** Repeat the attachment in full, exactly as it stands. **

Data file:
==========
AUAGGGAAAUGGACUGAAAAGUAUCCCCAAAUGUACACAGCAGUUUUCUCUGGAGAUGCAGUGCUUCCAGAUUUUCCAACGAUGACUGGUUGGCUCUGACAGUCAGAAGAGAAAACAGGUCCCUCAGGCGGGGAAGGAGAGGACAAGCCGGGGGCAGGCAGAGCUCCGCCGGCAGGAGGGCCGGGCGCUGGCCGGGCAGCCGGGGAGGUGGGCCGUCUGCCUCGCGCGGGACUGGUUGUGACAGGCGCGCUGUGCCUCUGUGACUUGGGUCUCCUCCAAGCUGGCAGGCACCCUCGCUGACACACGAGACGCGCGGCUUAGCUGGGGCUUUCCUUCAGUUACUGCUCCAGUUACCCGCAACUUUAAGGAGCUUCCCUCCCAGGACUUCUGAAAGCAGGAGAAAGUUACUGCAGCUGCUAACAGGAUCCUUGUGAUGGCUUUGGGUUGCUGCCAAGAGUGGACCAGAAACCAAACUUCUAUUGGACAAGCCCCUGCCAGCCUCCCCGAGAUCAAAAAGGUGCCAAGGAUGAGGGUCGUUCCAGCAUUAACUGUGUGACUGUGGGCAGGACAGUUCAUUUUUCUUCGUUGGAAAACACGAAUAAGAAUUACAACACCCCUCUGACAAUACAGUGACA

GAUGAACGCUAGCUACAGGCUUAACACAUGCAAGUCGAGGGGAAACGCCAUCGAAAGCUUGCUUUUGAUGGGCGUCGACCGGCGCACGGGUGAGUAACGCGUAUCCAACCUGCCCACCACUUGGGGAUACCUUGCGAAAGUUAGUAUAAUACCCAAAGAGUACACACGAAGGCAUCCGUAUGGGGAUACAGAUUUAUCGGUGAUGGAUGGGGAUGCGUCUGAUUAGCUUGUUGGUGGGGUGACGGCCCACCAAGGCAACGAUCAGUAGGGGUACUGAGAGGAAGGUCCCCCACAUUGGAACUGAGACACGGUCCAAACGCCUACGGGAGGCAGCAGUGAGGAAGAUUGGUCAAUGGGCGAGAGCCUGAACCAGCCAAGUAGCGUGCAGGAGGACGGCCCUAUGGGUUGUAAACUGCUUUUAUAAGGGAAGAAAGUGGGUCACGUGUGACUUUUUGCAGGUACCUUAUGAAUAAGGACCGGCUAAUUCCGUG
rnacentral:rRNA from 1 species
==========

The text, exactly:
AUAGGGAAAUGGACUGAAAAGUAUCCCCAAAUGUACACAGCAGUUUUCUCUGGAGAUGCAGUGCUUCCAGAUUUUCCAACGAUGACUGGUUGGCUCUGACAGUCAGAAGAGAAAACAGGUCCCUCAGGCGGGGAAGGAGAGGACAAGCCGGGGGCAGGCAGAGCUCCGCCGGCAGGAGGGCCGGGCGCUGGCCGGGCAGCCGGGGAGGUGGGCCGUCUGCCUCGCGCGGGACUGGUUGUGACAGGCGCGCUGUGCCUCUGUGACUUGGGUCUCCUCCAAGCUGGCAGGCACCCUCGCUGACACACGAGACGCGCGGCUUAGCUGGGGCUUUCCUUCAGUUACUGCUCCAGUUACCCGCAACUUUAAGGAGCUUCCCUCCCAGGACUUCUGAAAGCAGGAGAAAGUUACUGCAGCUGCUAACAGGAUCCUUGUGAUGGCUUUGGGUUGCUGCCAAGAGUGGACCAGAAACCAAACUUCUAUUGGACAAGCCCCUGCCAGCCUCCCCGAGAUCAAAAAGGUGCCAAGGAUGAGGGUCGUUCCAGCAUUAACUGUGUGACUGUGGGCAGGACAGUUCAUUUUUCUUCGUUGGAAAACACGAAUAAGAAUUACAACACCCCUCUGACAAUACAGUGACA

GAUGAACGCUAGCUACAGGCUUAACACAUGCAAGUCGAGGGGAAACGCCAUCGAAAGCUUGCUUUUGAUGGGCGUCGACCGGCGCACGGGUGAGUAACGCGUAUCCAACCUGCCCACCACUUGGGGAUACCUUGCGAAAGUUAGUAUAAUACCCAAAGAGUACACACGAAGGCAUCCGUAUGGGGAUACAGAUUUAUCGGUGAUGGAUGGGGAUGCGUCUGAUUAGCUUGUUGGUGGGGUGACGGCCCACCAAGGCAACGAUCAGUAGGGGUACUGAGAGGAAGGUCCCCCACAUUGGAACUGAGACACGGUCCAAACGCCUACGGGAGGCAGCAGUGAGGAAGAUUGGUCAAUGGGCGAGAGCCUGAACCAGCCAAGUAGCGUGCAGGAGGACGGCCCUAUGGGUUGUAAACUGCUUUUAUAAGGGAAGAAAGUGGGUCACGUGUGACUUUUUGCAGGUACCUUAUGAAUAAGGACCGGCUAAUUCCGUG
rnacentral:rRNA from 1 species